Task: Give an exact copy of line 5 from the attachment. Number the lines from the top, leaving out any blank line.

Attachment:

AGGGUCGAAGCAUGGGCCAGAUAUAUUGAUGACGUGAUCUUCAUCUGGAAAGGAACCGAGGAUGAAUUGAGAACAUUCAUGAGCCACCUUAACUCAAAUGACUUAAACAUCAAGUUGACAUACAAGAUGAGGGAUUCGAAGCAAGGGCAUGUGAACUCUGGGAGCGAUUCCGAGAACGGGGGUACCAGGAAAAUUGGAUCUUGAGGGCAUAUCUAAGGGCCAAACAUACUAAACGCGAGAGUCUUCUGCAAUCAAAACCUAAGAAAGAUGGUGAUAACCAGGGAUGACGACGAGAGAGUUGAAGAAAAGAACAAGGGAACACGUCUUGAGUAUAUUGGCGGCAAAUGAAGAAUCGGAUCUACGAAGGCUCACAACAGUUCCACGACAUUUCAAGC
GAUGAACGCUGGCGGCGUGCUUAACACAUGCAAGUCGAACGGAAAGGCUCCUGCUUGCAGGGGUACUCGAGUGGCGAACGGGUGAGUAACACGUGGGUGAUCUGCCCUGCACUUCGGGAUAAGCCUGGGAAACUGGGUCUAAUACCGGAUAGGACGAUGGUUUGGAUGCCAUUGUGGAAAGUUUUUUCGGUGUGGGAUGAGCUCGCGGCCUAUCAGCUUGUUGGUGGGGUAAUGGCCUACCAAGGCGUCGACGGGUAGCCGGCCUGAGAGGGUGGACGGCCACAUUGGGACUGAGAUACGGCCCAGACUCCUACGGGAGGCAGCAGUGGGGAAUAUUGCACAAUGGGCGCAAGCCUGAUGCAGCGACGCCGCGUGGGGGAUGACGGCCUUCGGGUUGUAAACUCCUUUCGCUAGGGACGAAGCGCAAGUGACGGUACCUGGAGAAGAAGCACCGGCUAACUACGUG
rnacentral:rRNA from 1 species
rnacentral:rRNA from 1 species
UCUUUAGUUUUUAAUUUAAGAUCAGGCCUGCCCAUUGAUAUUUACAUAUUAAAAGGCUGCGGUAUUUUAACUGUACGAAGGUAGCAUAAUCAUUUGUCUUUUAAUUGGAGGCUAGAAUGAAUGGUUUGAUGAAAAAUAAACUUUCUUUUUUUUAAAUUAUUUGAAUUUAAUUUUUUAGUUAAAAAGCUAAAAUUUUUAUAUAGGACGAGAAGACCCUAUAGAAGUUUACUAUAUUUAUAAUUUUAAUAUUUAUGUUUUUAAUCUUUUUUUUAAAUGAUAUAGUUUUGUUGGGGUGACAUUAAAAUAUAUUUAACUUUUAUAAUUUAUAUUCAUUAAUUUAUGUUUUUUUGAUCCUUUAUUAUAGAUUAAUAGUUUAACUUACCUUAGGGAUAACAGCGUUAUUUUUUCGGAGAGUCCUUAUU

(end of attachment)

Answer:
UCUUUAGUUUUUAAUUUAAGAUCAGGCCUGCCCAUUGAUAUUUACAUAUUAAAAGGCUGCGGUAUUUUAACUGUACGAAGGUAGCAUAAUCAUUUGUCUUUUAAUUGGAGGCUAGAAUGAAUGGUUUGAUGAAAAAUAAACUUUCUUUUUUUUAAAUUAUUUGAAUUUAAUUUUUUAGUUAAAAAGCUAAAAUUUUUAUAUAGGACGAGAAGACCCUAUAGAAGUUUACUAUAUUUAUAAUUUUAAUAUUUAUGUUUUUAAUCUUUUUUUUAAAUGAUAUAGUUUUGUUGGGGUGACAUUAAAAUAUAUUUAACUUUUAUAAUUUAUAUUCAUUAAUUUAUGUUUUUUUGAUCCUUUAUUAUAGAUUAAUAGUUUAACUUACCUUAGGGAUAACAGCGUUAUUUUUUCGGAGAGUCCUUAUU